In an attempt to get a jump on the spread of malware through instant messaging, a group of security firms has banded together to create a community of watchdogs that will share information about potential threats.
Led by IMlogic, which sells enterprise security software for IM systems, the group comprises security companies MacAfee and Sybari Software and IM providers America Online, Microsoft and Yahoo. IMlogic has set up a free “threat center” where it will post information on viruses, worms and vulnerabilities in IM and peer-to-peer networks identified by the group.
E-mail alerts will be sent to anyone who requests them when new threats are identified, and IMlogic will send instant updates to its software customers to block the new threat. The IM networks will monitor their traffic to try to quickly identify any suspicious activity.
Sounding the Bell Early
“An essential part of protection is detection,” IMlogic CEO Francis deSouza told TechNewsWorld. He said the pattern of IM’s growth is mimicking the earlier pattern of e-mail’s growth, which gives security companies a leg up in the understanding of how malware will begin to spread.
“The genesis behind the threat center was to take a proactive stand,” deSouza said. While the threat of malware arriving through e-mail is still much higher than through IM, the number of IM malware threats is doubling every six months, he said. In addition, IM malware can be more insidious, spreading much more quickly and looking even more innocuous when received.
“People are more likely to click on URLs in IM messages, or accepting files without knowing they are accepting them,” deSouza said. “On e-mail, people generally know what they’re doing.”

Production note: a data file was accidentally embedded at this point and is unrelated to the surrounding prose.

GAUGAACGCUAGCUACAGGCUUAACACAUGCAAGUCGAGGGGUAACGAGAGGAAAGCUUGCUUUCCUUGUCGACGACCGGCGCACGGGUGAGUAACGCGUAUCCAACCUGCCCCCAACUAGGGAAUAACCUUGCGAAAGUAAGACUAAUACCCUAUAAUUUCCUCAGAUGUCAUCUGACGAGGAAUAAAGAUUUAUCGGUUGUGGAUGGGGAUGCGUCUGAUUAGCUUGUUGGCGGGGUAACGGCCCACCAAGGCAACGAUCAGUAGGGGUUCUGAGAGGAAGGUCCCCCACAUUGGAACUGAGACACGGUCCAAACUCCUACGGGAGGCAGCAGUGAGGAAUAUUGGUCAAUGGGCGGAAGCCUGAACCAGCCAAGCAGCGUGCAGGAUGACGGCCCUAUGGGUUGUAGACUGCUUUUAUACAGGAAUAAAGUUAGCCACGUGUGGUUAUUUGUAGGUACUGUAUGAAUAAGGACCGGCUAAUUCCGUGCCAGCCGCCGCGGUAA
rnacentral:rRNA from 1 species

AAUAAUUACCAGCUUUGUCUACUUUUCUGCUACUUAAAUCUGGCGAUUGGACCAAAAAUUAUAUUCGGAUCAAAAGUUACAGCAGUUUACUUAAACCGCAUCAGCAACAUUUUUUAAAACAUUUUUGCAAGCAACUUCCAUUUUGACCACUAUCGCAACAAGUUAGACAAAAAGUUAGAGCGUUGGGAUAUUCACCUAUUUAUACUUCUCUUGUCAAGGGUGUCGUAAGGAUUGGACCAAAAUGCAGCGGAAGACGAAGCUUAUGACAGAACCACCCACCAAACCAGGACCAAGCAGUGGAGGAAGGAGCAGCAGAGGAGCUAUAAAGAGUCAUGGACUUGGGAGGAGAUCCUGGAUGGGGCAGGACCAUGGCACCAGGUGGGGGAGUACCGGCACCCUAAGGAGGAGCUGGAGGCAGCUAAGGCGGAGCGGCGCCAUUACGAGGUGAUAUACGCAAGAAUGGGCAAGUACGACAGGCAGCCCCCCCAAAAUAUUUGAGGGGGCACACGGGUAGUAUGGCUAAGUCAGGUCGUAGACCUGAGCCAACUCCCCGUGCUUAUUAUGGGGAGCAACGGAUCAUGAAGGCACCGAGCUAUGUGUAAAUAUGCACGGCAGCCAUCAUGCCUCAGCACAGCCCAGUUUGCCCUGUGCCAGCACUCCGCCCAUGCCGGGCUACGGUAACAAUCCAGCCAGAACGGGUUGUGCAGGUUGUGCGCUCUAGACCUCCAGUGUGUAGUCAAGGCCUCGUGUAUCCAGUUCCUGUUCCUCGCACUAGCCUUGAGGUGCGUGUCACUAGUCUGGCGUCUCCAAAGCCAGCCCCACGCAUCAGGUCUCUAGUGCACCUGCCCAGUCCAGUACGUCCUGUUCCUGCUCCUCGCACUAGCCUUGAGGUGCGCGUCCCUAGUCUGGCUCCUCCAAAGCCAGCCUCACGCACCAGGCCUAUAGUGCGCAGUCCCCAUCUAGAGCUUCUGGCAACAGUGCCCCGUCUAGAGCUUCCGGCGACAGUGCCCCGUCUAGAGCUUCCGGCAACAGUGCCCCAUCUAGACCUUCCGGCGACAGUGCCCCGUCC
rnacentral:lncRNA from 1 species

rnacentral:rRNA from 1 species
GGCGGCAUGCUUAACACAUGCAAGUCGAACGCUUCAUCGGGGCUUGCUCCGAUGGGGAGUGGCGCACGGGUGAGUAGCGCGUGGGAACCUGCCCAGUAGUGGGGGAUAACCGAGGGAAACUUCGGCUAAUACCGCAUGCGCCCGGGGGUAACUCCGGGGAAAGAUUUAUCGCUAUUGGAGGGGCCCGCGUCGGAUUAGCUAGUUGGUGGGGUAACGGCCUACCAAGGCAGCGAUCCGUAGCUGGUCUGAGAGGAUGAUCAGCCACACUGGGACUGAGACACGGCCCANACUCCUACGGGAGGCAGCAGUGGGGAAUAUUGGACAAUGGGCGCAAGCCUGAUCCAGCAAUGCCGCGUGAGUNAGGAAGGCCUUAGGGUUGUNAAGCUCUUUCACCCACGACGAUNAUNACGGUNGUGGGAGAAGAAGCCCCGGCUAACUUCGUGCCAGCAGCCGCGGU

Most e-mail users are aware that opening an executable file (.exe) from an unknown source is a danger, but many don’t know what an IM threat looks like. It can be carried in a URL from somebody in your buddy list, deSouza said. IMlogic’s software is designed to block known malware URLs from reaching IM users.
The threat will only grow as the use of IM spreads and as IM interconnectivity spreads with it. In the past, users had to be on the same IM system, but that is changing. This summer, Microsoft announced it would open its enterprise IM server to allow communication with MSN Messenger, Yahoo Instant Messaging and AOL Instant Messaging. That means that malware can jump from one system to another.
In addition, deSouza said, malware writers are beginning to create viruses and worms that can take advantage of any software opening on a system and spread through it. That means that if your e-mail is secure but your IM isn’t, the worm, which may have first sought to infect a system through e-mail, will find the hole in IM and exploit it.
DeSouza said he is hopeful that early detection and the ability to take the lessons learned from the spread of malware through e-mail will make this battle a little easier.